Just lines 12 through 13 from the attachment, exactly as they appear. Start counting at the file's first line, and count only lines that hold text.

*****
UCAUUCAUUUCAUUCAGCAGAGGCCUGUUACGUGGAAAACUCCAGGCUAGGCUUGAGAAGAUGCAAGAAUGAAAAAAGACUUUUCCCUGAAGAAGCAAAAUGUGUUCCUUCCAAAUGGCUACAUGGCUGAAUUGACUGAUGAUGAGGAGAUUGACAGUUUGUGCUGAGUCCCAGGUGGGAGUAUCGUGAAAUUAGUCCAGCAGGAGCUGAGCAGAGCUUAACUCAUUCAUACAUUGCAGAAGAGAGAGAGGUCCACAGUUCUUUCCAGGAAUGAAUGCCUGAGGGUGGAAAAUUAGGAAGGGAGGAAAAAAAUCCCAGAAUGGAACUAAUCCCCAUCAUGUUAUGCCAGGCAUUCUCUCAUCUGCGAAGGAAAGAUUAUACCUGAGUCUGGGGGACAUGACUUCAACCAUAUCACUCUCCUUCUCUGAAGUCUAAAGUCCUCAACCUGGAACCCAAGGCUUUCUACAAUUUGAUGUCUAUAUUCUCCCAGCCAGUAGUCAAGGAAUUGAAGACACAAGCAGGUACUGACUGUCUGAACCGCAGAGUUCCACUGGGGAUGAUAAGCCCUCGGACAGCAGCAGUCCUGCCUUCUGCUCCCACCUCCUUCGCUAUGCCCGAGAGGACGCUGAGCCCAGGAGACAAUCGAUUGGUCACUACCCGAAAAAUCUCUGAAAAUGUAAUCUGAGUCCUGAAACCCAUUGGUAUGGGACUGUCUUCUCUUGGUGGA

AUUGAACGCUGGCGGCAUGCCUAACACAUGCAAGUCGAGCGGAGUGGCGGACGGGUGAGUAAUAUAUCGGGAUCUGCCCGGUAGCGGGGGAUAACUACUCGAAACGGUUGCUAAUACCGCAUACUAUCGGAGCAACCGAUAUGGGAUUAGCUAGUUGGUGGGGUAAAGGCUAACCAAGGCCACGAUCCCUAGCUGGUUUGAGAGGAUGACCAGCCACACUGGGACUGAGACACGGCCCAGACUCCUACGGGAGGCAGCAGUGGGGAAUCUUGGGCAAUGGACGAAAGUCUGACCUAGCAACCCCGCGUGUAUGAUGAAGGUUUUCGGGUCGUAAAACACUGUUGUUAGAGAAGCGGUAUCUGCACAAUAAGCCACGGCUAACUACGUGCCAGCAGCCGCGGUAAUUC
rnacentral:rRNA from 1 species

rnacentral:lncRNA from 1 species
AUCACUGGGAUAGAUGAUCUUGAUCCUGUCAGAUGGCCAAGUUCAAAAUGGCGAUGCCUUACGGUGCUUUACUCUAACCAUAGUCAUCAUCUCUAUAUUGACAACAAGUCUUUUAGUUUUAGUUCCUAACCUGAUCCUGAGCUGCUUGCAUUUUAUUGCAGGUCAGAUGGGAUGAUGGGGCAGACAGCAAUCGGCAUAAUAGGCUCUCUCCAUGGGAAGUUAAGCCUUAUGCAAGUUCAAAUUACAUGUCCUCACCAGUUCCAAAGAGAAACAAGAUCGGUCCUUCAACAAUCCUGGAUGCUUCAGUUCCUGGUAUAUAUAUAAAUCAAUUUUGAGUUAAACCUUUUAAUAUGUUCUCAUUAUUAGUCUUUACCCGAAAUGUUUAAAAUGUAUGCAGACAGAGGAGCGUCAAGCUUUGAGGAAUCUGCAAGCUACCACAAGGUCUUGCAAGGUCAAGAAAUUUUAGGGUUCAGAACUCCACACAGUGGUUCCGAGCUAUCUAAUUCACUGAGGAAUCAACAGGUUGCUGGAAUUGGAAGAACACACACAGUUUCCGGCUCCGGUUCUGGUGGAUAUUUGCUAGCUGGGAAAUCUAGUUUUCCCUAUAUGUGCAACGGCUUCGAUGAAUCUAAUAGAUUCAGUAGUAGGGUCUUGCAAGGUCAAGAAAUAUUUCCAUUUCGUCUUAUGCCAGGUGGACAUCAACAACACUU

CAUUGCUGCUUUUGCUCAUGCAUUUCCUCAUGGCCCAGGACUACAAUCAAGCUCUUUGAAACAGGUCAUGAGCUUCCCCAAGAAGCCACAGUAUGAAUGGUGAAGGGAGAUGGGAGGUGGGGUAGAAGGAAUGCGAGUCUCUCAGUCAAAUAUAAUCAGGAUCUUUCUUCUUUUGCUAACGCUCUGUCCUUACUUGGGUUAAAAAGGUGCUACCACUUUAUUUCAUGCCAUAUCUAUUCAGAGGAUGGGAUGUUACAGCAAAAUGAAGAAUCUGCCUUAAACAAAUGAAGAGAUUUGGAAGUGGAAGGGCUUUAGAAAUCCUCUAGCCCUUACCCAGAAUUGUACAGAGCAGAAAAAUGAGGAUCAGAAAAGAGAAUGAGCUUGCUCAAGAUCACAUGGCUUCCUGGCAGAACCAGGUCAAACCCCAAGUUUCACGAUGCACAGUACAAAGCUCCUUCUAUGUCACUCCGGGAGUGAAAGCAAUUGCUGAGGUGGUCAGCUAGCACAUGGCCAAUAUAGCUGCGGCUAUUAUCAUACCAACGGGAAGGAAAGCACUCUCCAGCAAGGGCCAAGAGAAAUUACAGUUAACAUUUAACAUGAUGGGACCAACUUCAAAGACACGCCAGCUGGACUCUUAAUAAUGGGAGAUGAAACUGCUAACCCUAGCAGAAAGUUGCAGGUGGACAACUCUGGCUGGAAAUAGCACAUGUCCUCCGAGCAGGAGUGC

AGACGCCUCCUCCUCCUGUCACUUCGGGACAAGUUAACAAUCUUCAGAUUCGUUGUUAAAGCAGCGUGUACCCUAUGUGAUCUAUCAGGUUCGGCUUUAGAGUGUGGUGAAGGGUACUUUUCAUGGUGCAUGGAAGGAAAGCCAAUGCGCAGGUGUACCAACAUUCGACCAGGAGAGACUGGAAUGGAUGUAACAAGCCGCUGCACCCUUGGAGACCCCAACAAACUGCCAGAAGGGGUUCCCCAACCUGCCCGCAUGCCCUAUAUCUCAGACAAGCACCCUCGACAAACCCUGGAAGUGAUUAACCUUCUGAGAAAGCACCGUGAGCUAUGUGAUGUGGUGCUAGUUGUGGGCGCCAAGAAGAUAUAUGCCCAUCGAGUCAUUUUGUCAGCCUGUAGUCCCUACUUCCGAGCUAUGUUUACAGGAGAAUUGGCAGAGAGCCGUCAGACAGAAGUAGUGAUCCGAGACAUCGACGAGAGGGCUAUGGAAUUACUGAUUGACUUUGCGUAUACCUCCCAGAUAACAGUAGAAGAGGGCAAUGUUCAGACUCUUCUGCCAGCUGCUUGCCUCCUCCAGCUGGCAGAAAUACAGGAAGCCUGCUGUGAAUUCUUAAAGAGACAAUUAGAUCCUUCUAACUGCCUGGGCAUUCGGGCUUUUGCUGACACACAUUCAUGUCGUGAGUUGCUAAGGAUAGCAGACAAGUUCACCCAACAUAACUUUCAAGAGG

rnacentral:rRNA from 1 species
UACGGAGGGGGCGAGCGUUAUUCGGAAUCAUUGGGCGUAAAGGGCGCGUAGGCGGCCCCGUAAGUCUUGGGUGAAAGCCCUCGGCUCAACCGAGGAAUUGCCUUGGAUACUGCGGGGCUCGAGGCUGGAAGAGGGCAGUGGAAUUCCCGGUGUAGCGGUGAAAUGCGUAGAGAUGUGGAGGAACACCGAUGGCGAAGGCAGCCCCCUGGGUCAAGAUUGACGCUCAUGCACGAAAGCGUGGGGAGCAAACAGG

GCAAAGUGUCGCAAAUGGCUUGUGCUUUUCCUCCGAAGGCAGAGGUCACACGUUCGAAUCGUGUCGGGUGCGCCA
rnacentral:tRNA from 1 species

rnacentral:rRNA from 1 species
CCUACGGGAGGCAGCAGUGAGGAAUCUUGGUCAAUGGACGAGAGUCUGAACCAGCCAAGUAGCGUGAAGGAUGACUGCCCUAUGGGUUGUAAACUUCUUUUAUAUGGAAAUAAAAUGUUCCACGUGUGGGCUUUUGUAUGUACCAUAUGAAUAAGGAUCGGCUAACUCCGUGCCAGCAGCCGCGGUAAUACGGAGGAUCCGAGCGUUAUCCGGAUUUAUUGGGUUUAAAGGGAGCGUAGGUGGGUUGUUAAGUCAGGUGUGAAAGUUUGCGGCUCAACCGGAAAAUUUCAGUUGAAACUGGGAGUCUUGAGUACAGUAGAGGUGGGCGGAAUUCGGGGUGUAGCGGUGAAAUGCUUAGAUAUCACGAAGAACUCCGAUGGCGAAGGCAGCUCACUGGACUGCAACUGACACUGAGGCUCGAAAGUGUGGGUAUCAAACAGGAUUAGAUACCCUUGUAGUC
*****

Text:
rnacentral:rRNA from 1 species
CCUACGGGAGGCAGCAGUGAGGAAUCUUGGUCAAUGGACGAGAGUCUGAACCAGCCAAGUAGCGUGAAGGAUGACUGCCCUAUGGGUUGUAAACUUCUUUUAUAUGGAAAUAAAAUGUUCCACGUGUGGGCUUUUGUAUGUACCAUAUGAAUAAGGAUCGGCUAACUCCGUGCCAGCAGCCGCGGUAAUACGGAGGAUCCGAGCGUUAUCCGGAUUUAUUGGGUUUAAAGGGAGCGUAGGUGGGUUGUUAAGUCAGGUGUGAAAGUUUGCGGCUCAACCGGAAAAUUUCAGUUGAAACUGGGAGUCUUGAGUACAGUAGAGGUGGGCGGAAUUCGGGGUGUAGCGGUGAAAUGCUUAGAUAUCACGAAGAACUCCGAUGGCGAAGGCAGCUCACUGGACUGCAACUGACACUGAGGCUCGAAAGUGUGGGUAUCAAACAGGAUUAGAUACCCUUGUAGUC